Unlike my disposable and underappreciated loose-leaf, parchment is a precious commodity which requires time, patience and a skilled craftsperson to create. First, the “parchmenter” would need to select a suitable, preferably blemish-free pelt (Baranov). According to one article, “in the Middle Ages, calfskin and split sheepskin were the most common materials for making parchment in England and France, while goatskin was more common in Italy” (Norman). Pelts from small rodents, as well as larger animals like horses, were also utilized by parchment makers. However, as noted in Hagadorn’s article, by the eighteenth century most documents pertaining to the creation of parchment were “primarily concerned with the working of sheep skins” (170). Vellum, a particularly fine quality parchment, was made from calfskin or the skin of young goats. Even though in modern terminology vellum and parchment are often used interchangeably, historically the former refers to a specific type of parchment. In addition to selecting the species of animal, the parchmenter would also have to consider the animal’s colouring. For example, “white sheep or cows [tended] to produce white parchment” whereas “the shadowy brown patterns which are one of the aesthetically pleasing features of parchment may often be echoes of brindled cows or piebald goats” (Baranov).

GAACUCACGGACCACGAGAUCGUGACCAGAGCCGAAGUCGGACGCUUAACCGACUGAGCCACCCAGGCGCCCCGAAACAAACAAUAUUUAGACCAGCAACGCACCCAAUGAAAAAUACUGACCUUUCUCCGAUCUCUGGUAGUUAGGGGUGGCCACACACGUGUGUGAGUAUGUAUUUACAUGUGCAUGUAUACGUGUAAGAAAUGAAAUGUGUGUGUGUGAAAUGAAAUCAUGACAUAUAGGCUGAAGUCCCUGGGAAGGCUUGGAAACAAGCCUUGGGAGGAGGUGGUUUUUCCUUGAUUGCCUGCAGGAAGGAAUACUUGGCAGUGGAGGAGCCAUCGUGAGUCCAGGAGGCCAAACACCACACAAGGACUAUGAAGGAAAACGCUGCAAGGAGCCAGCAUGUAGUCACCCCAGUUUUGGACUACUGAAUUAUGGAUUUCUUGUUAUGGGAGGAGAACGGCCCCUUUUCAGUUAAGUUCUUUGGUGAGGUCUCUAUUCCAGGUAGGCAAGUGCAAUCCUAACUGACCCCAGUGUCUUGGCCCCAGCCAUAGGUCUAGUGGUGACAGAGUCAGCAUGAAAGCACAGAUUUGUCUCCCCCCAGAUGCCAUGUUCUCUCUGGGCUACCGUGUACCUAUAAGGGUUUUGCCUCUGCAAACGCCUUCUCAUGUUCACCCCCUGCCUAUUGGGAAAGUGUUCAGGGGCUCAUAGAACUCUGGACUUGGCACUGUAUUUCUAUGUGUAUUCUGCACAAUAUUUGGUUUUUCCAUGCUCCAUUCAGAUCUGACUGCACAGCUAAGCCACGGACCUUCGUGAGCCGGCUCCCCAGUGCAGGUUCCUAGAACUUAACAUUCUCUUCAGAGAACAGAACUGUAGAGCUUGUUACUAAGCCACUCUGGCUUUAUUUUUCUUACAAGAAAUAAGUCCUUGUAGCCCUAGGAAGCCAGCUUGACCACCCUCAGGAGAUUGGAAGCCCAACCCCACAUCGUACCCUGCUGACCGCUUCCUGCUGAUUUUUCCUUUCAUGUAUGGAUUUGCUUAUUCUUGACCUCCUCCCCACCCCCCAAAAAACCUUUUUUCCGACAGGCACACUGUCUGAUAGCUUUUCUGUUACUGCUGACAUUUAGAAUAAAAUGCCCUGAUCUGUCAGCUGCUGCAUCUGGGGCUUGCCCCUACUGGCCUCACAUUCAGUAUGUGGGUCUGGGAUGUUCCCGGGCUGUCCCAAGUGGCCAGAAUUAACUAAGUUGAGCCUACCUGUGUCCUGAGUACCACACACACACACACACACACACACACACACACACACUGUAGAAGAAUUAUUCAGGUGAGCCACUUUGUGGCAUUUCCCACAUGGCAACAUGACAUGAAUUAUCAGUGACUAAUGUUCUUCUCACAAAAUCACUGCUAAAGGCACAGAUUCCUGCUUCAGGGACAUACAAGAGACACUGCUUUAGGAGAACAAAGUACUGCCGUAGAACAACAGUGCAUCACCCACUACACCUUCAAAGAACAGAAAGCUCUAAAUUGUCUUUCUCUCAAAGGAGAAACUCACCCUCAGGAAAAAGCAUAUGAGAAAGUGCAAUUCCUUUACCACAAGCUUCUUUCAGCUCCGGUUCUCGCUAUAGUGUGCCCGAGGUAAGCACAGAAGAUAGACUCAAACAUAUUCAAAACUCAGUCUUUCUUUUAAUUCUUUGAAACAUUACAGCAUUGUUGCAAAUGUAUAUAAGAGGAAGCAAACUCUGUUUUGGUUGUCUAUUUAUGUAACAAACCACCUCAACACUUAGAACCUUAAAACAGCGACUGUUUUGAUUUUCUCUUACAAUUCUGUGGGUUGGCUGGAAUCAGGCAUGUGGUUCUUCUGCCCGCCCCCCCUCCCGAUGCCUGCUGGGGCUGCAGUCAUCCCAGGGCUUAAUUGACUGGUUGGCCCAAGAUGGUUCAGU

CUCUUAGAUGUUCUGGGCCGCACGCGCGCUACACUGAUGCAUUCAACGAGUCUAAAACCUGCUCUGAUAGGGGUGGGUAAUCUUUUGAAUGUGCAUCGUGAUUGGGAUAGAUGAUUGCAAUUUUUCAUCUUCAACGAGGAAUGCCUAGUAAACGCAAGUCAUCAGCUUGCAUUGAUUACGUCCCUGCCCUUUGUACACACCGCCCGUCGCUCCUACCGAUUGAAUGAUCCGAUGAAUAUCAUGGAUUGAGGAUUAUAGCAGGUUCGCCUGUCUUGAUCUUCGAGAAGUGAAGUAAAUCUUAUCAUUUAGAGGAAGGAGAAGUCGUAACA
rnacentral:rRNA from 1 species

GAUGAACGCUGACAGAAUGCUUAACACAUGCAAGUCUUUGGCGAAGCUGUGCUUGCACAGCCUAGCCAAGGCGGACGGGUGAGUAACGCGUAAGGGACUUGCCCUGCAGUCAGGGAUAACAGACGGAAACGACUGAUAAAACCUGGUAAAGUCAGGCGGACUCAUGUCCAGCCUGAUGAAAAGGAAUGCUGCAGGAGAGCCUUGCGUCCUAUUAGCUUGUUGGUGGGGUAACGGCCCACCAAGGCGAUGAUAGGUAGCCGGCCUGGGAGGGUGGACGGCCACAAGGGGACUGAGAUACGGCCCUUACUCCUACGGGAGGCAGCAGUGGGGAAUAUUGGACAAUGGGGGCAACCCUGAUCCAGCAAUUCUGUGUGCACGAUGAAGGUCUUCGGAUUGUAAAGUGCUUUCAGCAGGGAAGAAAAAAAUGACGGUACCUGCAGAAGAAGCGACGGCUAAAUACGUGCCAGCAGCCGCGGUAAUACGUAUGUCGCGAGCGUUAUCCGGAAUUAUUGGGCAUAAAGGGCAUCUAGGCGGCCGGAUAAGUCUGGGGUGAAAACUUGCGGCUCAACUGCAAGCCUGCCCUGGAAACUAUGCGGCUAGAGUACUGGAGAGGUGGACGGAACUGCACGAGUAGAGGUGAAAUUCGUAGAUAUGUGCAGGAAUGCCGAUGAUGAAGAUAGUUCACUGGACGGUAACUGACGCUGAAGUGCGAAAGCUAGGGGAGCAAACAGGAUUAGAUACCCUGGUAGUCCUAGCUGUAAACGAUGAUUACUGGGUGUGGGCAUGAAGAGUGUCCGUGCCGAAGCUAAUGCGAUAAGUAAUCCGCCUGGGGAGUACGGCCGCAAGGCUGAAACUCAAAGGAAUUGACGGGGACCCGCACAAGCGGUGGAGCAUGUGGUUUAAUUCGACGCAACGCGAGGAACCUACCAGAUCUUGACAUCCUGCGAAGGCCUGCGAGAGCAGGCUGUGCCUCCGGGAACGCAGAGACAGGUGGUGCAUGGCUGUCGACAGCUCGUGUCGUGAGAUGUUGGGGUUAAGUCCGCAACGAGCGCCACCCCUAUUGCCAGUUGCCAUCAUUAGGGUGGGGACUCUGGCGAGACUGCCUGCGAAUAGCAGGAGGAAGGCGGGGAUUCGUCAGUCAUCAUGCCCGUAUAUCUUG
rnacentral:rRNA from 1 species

Image of “A Skin of parchment stretched on a frame” courtesy of Michele Brown, Cornell University Library Conservation